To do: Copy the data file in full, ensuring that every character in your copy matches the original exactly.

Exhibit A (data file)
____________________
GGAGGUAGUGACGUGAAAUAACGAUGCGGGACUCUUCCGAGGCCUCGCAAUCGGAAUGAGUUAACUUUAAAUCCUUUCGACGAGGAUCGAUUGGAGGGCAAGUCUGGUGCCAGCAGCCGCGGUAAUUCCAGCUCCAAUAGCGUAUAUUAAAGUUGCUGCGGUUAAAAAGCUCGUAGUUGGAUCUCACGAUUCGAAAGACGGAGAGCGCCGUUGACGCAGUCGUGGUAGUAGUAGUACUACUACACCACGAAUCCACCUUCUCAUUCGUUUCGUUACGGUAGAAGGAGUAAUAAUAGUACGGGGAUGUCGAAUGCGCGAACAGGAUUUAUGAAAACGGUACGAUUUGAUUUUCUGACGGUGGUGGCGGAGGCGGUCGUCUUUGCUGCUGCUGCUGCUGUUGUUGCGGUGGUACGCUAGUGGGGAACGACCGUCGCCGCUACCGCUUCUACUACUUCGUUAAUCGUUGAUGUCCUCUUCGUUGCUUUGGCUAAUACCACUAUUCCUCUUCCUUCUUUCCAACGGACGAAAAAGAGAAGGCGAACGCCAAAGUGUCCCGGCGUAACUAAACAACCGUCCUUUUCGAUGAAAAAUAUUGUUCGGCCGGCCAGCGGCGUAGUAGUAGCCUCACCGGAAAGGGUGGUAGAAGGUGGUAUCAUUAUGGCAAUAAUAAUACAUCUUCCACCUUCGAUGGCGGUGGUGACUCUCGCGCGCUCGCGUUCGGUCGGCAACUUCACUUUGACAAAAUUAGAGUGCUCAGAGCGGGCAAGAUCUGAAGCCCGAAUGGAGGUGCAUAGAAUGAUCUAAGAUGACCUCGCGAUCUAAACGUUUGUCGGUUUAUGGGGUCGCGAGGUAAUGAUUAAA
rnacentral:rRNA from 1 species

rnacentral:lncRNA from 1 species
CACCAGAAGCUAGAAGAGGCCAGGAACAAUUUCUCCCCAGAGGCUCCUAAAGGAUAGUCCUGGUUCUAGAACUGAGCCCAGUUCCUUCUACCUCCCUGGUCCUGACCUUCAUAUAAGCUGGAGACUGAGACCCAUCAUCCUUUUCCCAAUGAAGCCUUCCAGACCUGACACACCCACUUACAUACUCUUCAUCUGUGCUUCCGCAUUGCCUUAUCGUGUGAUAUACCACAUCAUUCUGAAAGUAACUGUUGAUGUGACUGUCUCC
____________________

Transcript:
GGAGGUAGUGACGUGAAAUAACGAUGCGGGACUCUUCCGAGGCCUCGCAAUCGGAAUGAGUUAACUUUAAAUCCUUUCGACGAGGAUCGAUUGGAGGGCAAGUCUGGUGCCAGCAGCCGCGGUAAUUCCAGCUCCAAUAGCGUAUAUUAAAGUUGCUGCGGUUAAAAAGCUCGUAGUUGGAUCUCACGAUUCGAAAGACGGAGAGCGCCGUUGACGCAGUCGUGGUAGUAGUAGUACUACUACACCACGAAUCCACCUUCUCAUUCGUUUCGUUACGGUAGAAGGAGUAAUAAUAGUACGGGGAUGUCGAAUGCGCGAACAGGAUUUAUGAAAACGGUACGAUUUGAUUUUCUGACGGUGGUGGCGGAGGCGGUCGUCUUUGCUGCUGCUGCUGCUGUUGUUGCGGUGGUACGCUAGUGGGGAACGACCGUCGCCGCUACCGCUUCUACUACUUCGUUAAUCGUUGAUGUCCUCUUCGUUGCUUUGGCUAAUACCACUAUUCCUCUUCCUUCUUUCCAACGGACGAAAAAGAGAAGGCGAACGCCAAAGUGUCCCGGCGUAACUAAACAACCGUCCUUUUCGAUGAAAAAUAUUGUUCGGCCGGCCAGCGGCGUAGUAGUAGCCUCACCGGAAAGGGUGGUAGAAGGUGGUAUCAUUAUGGCAAUAAUAAUACAUCUUCCACCUUCGAUGGCGGUGGUGACUCUCGCGCGCUCGCGUUCGGUCGGCAACUUCACUUUGACAAAAUUAGAGUGCUCAGAGCGGGCAAGAUCUGAAGCCCGAAUGGAGGUGCAUAGAAUGAUCUAAGAUGACCUCGCGAUCUAAACGUUUGUCGGUUUAUGGGGUCGCGAGGUAAUGAUUAAA
rnacentral:rRNA from 1 species

rnacentral:lncRNA from 1 species
CACCAGAAGCUAGAAGAGGCCAGGAACAAUUUCUCCCCAGAGGCUCCUAAAGGAUAGUCCUGGUUCUAGAACUGAGCCCAGUUCCUUCUACCUCCCUGGUCCUGACCUUCAUAUAAGCUGGAGACUGAGACCCAUCAUCCUUUUCCCAAUGAAGCCUUCCAGACCUGACACACCCACUUACAUACUCUUCAUCUGUGCUUCCGCAUUGCCUUAUCGUGUGAUAUACCACAUCAUUCUGAAAGUAACUGUUGAUGUGACUGUCUCC